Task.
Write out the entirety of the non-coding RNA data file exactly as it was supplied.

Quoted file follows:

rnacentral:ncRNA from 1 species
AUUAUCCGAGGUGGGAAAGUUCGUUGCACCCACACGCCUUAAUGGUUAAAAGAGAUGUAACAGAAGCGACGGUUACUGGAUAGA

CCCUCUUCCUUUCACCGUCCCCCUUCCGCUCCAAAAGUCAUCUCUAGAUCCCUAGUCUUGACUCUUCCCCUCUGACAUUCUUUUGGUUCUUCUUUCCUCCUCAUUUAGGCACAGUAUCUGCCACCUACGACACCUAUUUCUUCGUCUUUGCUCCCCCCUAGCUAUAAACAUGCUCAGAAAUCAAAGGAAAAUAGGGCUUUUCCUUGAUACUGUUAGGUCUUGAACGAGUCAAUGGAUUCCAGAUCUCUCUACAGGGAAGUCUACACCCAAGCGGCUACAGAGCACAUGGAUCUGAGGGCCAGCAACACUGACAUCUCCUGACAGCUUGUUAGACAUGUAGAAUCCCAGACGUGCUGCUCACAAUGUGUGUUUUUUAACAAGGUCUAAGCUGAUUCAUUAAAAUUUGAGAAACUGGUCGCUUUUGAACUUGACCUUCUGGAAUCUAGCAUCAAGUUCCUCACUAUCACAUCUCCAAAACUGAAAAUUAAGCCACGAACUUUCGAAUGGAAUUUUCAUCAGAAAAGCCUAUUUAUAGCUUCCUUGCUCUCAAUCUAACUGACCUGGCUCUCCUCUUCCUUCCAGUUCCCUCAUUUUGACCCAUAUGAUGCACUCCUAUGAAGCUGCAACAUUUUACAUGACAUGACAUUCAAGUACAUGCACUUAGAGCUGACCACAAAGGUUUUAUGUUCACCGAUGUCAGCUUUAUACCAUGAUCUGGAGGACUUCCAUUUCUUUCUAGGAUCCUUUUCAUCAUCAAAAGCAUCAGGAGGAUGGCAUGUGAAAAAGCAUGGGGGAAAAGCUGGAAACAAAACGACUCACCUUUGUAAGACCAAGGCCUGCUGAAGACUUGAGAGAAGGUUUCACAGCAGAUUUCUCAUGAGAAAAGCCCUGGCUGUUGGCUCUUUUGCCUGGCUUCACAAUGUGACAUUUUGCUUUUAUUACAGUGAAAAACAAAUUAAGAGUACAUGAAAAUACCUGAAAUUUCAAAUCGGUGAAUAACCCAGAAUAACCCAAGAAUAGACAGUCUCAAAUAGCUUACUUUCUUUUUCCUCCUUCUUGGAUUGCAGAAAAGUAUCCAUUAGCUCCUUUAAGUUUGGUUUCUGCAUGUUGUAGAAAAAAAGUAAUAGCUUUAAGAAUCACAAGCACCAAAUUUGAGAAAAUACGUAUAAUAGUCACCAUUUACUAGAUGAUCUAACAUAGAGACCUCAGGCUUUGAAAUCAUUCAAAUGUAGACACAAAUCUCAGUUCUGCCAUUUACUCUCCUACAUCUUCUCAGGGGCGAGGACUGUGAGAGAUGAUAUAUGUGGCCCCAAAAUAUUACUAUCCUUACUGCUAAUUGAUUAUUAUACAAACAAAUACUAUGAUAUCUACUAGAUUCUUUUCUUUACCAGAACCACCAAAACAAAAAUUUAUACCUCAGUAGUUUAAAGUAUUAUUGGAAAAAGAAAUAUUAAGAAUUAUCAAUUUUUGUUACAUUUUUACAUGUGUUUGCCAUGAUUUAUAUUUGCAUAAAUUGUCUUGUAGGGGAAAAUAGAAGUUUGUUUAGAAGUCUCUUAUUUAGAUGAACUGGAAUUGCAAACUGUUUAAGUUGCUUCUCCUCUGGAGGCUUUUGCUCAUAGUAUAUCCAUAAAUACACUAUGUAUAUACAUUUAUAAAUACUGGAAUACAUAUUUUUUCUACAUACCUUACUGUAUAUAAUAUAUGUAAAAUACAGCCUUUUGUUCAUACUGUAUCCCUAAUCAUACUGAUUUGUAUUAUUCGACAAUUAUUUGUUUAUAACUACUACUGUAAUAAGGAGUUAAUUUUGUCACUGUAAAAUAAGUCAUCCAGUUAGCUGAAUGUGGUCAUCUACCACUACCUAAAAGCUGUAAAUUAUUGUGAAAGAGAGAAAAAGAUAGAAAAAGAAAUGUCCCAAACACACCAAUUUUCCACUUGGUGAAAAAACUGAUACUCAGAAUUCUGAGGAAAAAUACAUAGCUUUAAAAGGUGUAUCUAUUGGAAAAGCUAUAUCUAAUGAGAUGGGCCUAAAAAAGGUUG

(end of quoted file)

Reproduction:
rnacentral:ncRNA from 1 species
AUUAUCCGAGGUGGGAAAGUUCGUUGCACCCACACGCCUUAAUGGUUAAAAGAGAUGUAACAGAAGCGACGGUUACUGGAUAGA

CCCUCUUCCUUUCACCGUCCCCCUUCCGCUCCAAAAGUCAUCUCUAGAUCCCUAGUCUUGACUCUUCCCCUCUGACAUUCUUUUGGUUCUUCUUUCCUCCUCAUUUAGGCACAGUAUCUGCCACCUACGACACCUAUUUCUUCGUCUUUGCUCCCCCCUAGCUAUAAACAUGCUCAGAAAUCAAAGGAAAAUAGGGCUUUUCCUUGAUACUGUUAGGUCUUGAACGAGUCAAUGGAUUCCAGAUCUCUCUACAGGGAAGUCUACACCCAAGCGGCUACAGAGCACAUGGAUCUGAGGGCCAGCAACACUGACAUCUCCUGACAGCUUGUUAGACAUGUAGAAUCCCAGACGUGCUGCUCACAAUGUGUGUUUUUUAACAAGGUCUAAGCUGAUUCAUUAAAAUUUGAGAAACUGGUCGCUUUUGAACUUGACCUUCUGGAAUCUAGCAUCAAGUUCCUCACUAUCACAUCUCCAAAACUGAAAAUUAAGCCACGAACUUUCGAAUGGAAUUUUCAUCAGAAAAGCCUAUUUAUAGCUUCCUUGCUCUCAAUCUAACUGACCUGGCUCUCCUCUUCCUUCCAGUUCCCUCAUUUUGACCCAUAUGAUGCACUCCUAUGAAGCUGCAACAUUUUACAUGACAUGACAUUCAAGUACAUGCACUUAGAGCUGACCACAAAGGUUUUAUGUUCACCGAUGUCAGCUUUAUACCAUGAUCUGGAGGACUUCCAUUUCUUUCUAGGAUCCUUUUCAUCAUCAAAAGCAUCAGGAGGAUGGCAUGUGAAAAAGCAUGGGGGAAAAGCUGGAAACAAAACGACUCACCUUUGUAAGACCAAGGCCUGCUGAAGACUUGAGAGAAGGUUUCACAGCAGAUUUCUCAUGAGAAAAGCCCUGGCUGUUGGCUCUUUUGCCUGGCUUCACAAUGUGACAUUUUGCUUUUAUUACAGUGAAAAACAAAUUAAGAGUACAUGAAAAUACCUGAAAUUUCAAAUCGGUGAAUAACCCAGAAUAACCCAAGAAUAGACAGUCUCAAAUAGCUUACUUUCUUUUUCCUCCUUCUUGGAUUGCAGAAAAGUAUCCAUUAGCUCCUUUAAGUUUGGUUUCUGCAUGUUGUAGAAAAAAAGUAAUAGCUUUAAGAAUCACAAGCACCAAAUUUGAGAAAAUACGUAUAAUAGUCACCAUUUACUAGAUGAUCUAACAUAGAGACCUCAGGCUUUGAAAUCAUUCAAAUGUAGACACAAAUCUCAGUUCUGCCAUUUACUCUCCUACAUCUUCUCAGGGGCGAGGACUGUGAGAGAUGAUAUAUGUGGCCCCAAAAUAUUACUAUCCUUACUGCUAAUUGAUUAUUAUACAAACAAAUACUAUGAUAUCUACUAGAUUCUUUUCUUUACCAGAACCACCAAAACAAAAAUUUAUACCUCAGUAGUUUAAAGUAUUAUUGGAAAAAGAAAUAUUAAGAAUUAUCAAUUUUUGUUACAUUUUUACAUGUGUUUGCCAUGAUUUAUAUUUGCAUAAAUUGUCUUGUAGGGGAAAAUAGAAGUUUGUUUAGAAGUCUCUUAUUUAGAUGAACUGGAAUUGCAAACUGUUUAAGUUGCUUCUCCUCUGGAGGCUUUUGCUCAUAGUAUAUCCAUAAAUACACUAUGUAUAUACAUUUAUAAAUACUGGAAUACAUAUUUUUUCUACAUACCUUACUGUAUAUAAUAUAUGUAAAAUACAGCCUUUUGUUCAUACUGUAUCCCUAAUCAUACUGAUUUGUAUUAUUCGACAAUUAUUUGUUUAUAACUACUACUGUAAUAAGGAGUUAAUUUUGUCACUGUAAAAUAAGUCAUCCAGUUAGCUGAAUGUGGUCAUCUACCACUACCUAAAAGCUGUAAAUUAUUGUGAAAGAGAGAAAAAGAUAGAAAAAGAAAUGUCCCAAACACACCAAUUUUCCACUUGGUGAAAAAACUGAUACUCAGAAUUCUGAGGAAAAAUACAUAGCUUUAAAAGGUGUAUCUAUUGGAAAAGCUAUAUCUAAUGAGAUGGGCCUAAAAAAGGUUG